The settling-in process started at once. Realizing the Cinquecento was empty, Rania and Irini went home and came back with armloads of sheets, towels, pillows, and a couple of light blankets. The house had four beds and three vast cupboards, but that was all.
Meanwhile, a third woman joined the party. Kyria Ioanna lived around the corner and, as I was to learn, she was one of those people who genuinely lives for others. “Professional Do-Gooder” has sanctimonious, phony connotations, but Kyria Ioanna—always addressed with the honorific Mrs. or Ma’am—was altruistic to a fault. When, many years later, she got breast cancer, she chose to ignore the tumor since an operation would get in the way of feeding and nurturing her extended family. When she finally took time off to see a doctor, it was too late.
On this occasion, Kyria Ioanna had arrived with a small stew pot wrapped in a spotless white dishcloth, and all the paraphernalia required for a meal: plates, glasses, knives, spoons, forks, maybe even napkins.
To say I was overwhelmed would be an understatement. This was the sort of kindness that I’d read about but never experienced. When I moved into the charming little house above the Rapallo yacht club, I never knew my neighbors, who all lived in palazzi surrounded by grand gardens. My first visitor there was a representative from a security company who threatened me with burglaries if I didn’t sign up for night-watchman protection. Unaware that my landlady already subscribed to this service, I complied and spent the night quaking at the hesitant footsteps of prowlers—which, come morning, proved to be fat eucalyptus seeds plopping arrhythmically on the terrace outside my room.
In Maroussi, thievery was unknown. In fact, in those days, when a major burglary occurred in Athens, all the police went to the western port of Patras to apprehend the gangsters, who had to have come from Italy.
Maroussi would be an idyll that lasted almost two decades. I would meet the rest of my neighbors, who included a quintet of wonderfully eccentric older ladies, Greek, English, and Maltese; an academician/professor of philosophy; the mothers—as stout as one of the house’s heirloom wardrobes—of boys who would become Duff’s pals; an English woman my own age with three small kids who had known Alexi’s second wife on Rhodes; the local postman and his dog named Jack. . . . It was a community. Not a typically Greek one at all, the kind you see in movies or sitcoms, but Greek enough for me.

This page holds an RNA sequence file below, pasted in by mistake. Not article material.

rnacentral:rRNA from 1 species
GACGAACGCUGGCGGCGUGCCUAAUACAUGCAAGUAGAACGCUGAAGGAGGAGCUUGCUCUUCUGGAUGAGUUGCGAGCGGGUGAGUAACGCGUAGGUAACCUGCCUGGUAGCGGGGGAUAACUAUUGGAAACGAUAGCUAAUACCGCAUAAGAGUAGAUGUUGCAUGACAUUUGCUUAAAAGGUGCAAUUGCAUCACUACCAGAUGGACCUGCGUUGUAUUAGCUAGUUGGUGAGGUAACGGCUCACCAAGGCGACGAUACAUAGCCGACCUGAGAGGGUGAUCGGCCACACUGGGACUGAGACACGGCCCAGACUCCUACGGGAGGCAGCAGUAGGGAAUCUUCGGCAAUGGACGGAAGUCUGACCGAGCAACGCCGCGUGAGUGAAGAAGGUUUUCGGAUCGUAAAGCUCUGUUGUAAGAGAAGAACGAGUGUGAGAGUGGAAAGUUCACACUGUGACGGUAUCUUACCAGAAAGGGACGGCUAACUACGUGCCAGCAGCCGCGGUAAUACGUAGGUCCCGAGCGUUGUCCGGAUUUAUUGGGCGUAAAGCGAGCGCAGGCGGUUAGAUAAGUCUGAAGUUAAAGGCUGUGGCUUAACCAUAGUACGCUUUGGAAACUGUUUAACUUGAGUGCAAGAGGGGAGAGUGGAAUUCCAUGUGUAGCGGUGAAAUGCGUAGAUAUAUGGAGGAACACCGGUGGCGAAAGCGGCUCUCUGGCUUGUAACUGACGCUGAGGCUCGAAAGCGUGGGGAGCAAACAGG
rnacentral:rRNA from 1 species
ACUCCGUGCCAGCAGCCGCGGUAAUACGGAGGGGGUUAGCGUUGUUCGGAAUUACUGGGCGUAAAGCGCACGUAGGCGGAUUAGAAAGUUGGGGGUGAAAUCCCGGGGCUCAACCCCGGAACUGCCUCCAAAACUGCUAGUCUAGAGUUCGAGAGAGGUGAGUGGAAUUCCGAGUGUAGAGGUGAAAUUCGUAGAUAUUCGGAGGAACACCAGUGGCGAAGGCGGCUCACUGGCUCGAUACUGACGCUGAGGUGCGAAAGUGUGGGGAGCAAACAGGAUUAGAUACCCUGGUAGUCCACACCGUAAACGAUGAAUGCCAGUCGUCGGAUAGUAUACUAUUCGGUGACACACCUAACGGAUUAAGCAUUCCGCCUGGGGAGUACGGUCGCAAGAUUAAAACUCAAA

There were no apartment houses at first; dirt roads, no fears of intruders. On one of those early nights, I put my son to bed without closing the kitchen door. When I came back, the half a chicken I’d left on the plate had vanished, stolen by a villainous tomcat. That was the extent of crime in the neighborhood.
Over the years, it would change. People would die or leave. My circle of friends would expand way beyond Maroussi. But that welcome given so spontaneously and generously on the 4th of June, 1972, set the tone for my life in Greece.
Holidays on Spetses had spoiled me, but it turned out that living full-time in Maroussi was even more of a holiday. Nata was right: if I’d wanted a career, I should never have settled there. But to me that was secondary. It was Greece I craved.
Forty years later, having witnessed the Junta and its collapse, the return of democracy and Karamanlis, the populism of Andreas Papandreou and his infamous Green Guards, the increasingly venal political scene, and our current volatile predicament, I continue to find the same kindness, hospitality, and friendship offered to me that first June day.
Kokkinisto (Red Meat Stew)
What do you suppose Kyria Ioanna had cooked in that miraculous pot? Surprisingly, it is not etched upon my taste buds, but I think it must have been Kokkinisto, the universal Greek “red” stew. This would be my own version, nowadays.
I’d sauté some cubed beef or veal in lots of olive oil, browning it on all sides. Then I’d remove it and wilt some sliced onions. I’d pour some red wine into the pan and bubble it down, put the meat back in, along with a can of chopped tomatoes, a couple of bay leaves, a tablespoon of my homemade tomato paste (which is nothing more than fresh tomatoes boiled with sugar until practically caramelized), some hot pepper flakes, and some crumbled oregano. About 5 minutes before it was done, I’d crush 4-5 garlic cloves into the pot and throw in some chopped parsley. And I’d serve it with some egg noodles.
Note: I would have liked to illustrate this column with a photo or two from my Maroussi days, but I can’t find a single one in any album or basket.